2015 PyCon (SG) Presentation :: 2016 version is 'deep-learning-workshop'
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Machine Learning : Going Deeper with Python and Theano

This repo contains the materials for my presentation to PyCon (SG), on 19 June 2015.

If you are interested in the wonderful Virtual Machine goodness of my 2016 PyCon presentation, the repo you should be looking at is this one.

Installation of requirements

Even if you like to virtualenv, it may make sense to use system-wide installations of some of the basic Python numerical packages, since they're likely to be ready-optimized (even if slightly older) than ones installed/compiled by pip (which will willingly install without OpenBLAS, for instance) :

dnf install scipy numpy python-pandas Cython 

(and, since it's so handy):

dnf install pydot

Note that installing python-ipython-notebook system-wide doesn't seem to work well, because there is a version conflict involving tornado.

Then, as usual (but making use of these system-site-packages) :

virtualenv --system-site-packages env
. env/bin/activate
pip install --upgrade pip
pip install -r requirements.txt 

# Wait 10mins (107Mb of stuff in env/lib/python2.7/site-packages/)

Running the Presentation

Starting at the live-plotting example (which will also want bokeh-server running, see below) :

. env/bin/activate
ipython notebook ipynb/1-LivePlotting.ipynb

# Then open a browser at : http://localhost:8888/
# or, more specifically  : http://localhost:8888/ipynb/1-LivePlotting.ipynb

If you have a browser already running, it may be best to use the --browser option to prevent the distracting launch of an additional browser window:

ipython notebook --port=8888 --browser=none

To run the live-plotting example, you'll also need to start the bokeh-server in another process :

. env/bin/activate

Running the Presentation (across a network)

. env/bin/activate
ipython notebook --ip= --port=8888 --browser=none &
bokeh-server --ip= --port=8889

The iPython notebook call to bokeh.io.output_notebook() appears to find the correct port for the bokeh-server automagically.

Remember to adjust the firewall to allow these two open ports...

GPU-aware iPython


Making use of an Nvidia card in a notebook (where COMMAND-LINE is the python command that one would ordinarily run) is usually as follows ::

THEANORC=theano.cuda-gpuarray.rc optirun {COMMAND-LINE}

However, because IPython spawns sub-processes to handle each kernel/notebook, the optirun invocation isn't made for the child processes that should actually perform the work on the GPU.

So far, the only route to making this work has been to replace the env/bin/python2 with a script that runs optirun python2-bin where python2-bin is a copy of the previously existing python2. But doing this the causes all python (in that virtualenv) to switch the GPU on, which wasn't really the plan.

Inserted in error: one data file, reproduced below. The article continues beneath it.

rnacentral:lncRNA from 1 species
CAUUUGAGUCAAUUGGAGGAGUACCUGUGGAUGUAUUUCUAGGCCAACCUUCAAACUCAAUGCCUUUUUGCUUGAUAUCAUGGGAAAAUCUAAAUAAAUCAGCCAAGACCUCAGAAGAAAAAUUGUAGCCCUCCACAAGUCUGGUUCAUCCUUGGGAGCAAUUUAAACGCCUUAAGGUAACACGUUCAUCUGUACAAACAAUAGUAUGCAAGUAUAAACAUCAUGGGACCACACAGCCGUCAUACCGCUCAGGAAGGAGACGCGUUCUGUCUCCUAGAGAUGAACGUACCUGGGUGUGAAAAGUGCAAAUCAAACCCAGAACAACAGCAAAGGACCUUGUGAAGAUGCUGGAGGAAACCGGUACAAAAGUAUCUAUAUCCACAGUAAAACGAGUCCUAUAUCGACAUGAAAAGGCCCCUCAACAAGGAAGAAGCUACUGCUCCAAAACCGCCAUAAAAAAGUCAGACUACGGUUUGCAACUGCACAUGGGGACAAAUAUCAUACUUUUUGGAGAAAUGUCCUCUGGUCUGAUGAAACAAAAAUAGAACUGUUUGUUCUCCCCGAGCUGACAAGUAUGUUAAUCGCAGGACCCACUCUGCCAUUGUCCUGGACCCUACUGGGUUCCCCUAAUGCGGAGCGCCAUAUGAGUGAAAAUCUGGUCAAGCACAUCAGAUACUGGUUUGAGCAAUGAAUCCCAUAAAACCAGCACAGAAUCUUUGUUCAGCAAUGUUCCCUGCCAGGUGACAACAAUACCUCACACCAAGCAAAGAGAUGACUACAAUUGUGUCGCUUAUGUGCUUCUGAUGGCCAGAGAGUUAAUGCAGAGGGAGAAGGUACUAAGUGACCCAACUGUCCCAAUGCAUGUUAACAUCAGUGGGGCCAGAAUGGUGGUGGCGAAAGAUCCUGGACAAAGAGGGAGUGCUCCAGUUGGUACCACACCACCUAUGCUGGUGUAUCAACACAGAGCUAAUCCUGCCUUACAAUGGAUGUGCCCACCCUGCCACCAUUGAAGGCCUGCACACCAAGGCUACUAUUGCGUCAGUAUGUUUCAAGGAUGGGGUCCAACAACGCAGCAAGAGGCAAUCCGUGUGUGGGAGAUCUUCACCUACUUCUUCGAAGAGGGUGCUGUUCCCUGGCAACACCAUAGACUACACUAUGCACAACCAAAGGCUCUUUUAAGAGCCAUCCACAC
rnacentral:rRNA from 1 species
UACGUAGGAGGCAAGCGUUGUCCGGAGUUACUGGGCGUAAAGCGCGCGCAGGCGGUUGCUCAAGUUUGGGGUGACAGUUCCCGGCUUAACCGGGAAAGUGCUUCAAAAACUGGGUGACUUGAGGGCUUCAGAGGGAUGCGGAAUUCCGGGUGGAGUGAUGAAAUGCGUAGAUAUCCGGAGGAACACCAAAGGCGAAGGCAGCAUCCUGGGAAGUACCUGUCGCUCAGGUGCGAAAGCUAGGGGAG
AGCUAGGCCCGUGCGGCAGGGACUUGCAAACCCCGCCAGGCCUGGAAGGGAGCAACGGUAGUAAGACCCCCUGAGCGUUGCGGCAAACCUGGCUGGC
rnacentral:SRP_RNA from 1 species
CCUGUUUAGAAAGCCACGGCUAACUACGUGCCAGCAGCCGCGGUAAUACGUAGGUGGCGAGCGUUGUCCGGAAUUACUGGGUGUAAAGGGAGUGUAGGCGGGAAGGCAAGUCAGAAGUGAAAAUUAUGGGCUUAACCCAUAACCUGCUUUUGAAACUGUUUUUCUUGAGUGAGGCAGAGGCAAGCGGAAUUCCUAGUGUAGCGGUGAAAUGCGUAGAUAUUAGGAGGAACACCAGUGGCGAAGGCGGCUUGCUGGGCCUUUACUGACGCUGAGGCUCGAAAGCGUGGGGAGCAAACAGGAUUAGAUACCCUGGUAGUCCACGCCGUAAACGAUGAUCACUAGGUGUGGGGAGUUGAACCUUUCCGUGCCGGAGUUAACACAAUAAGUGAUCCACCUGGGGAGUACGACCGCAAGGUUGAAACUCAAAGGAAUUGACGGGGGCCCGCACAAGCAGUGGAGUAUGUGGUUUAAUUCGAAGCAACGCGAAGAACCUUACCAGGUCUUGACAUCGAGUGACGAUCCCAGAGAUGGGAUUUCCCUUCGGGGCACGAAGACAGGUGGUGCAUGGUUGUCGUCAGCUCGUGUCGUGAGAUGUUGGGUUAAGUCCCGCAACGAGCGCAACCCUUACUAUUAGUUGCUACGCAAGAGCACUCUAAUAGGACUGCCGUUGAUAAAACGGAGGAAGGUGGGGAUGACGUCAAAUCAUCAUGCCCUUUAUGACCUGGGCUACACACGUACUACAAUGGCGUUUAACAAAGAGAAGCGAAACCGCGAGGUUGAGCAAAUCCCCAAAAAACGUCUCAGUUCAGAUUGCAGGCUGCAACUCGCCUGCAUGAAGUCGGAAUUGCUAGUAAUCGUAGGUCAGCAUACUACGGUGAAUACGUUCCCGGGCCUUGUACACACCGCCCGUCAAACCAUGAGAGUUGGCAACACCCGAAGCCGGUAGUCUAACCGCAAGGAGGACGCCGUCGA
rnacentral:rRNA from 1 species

Notes : Git-friendly iPython Notebooks

Using the code from : http://pascalbugnion.net/blog/ipython-notebooks-and-git.html (and https://gist.github.com/pbugnion/ea2797393033b54674af ), you can enable this kind of feature just on one repository, rather than installing it globally, as follows...

Within the repository, run :

# Set the permissions for execution :
chmod 754 ./bin/ipynb_optional_output_filter.py

git config filter.dropoutput_ipynb.smudge cat
git config filter.dropoutput_ipynb.clean ./bin/ipynb_optional_output_filter.py

this will add suitable entries to ./.git/config.

or, alternatively, create the entries manually by ensuring that your .git/config includes the lines :

[filter "dropoutput_ipynb"]
	smudge = cat
	clean = ./bin/ipynb_output_filter.py

(where REPO is the absolute path to the root of the checked out repository).

Note also that there's a <REPO>/.gitattributes file here containing the following:

*.ipynb    filter=dropoutput_ipynb

There are two different approaches to doing the cleansing in the REPO/bin directory :

  • ipynb_output_filter.py : which is probably more comprehensive, since it uses iPython itself to parse and output the notebooks - but care must be taken to ensure that it is run within the current env

  • ipynb_optional_output_filter.py : This is my current chosen approach, which only uses import json to parse the notebook files (and so can be executed as a plain script). It also includes the git:suppress_outputs=false option that might be useful...

To include disable the output-cleansing feature in a notebook in the latter case, simply add to its metadata (Edit-Metadata) as a first-level entry (true is the default):

  "git" : { "suppress_outputs" : false },

Notes : Building the Presentation

For 'blocks-introduction-mnist.ipynb' I used the tutorial from the blocks documentation as a starter :

  • wget https://raw.githubusercontent.com/mila-udem/blocks/master/docs/tutorial.rst
  • pandoc --mathjax --from=rst --to=markdown_mmd tutorial.rst > tutorial.md

Also useful :

Notes : Installing PyGPU

On the date of the PyCon, building the libgpuarray library from github FAILS :

NOW DONE - submitted a PR for : 
           """ gcc 5.1.1 : max_align_t also defined in stddef.h """

There is a full write-up on how to install an Nvidia GPU under Fedora 22 as a blog posting

And an additional write-up for the case that you're installing to a laptop with 'dual graphics cards' in this blog post.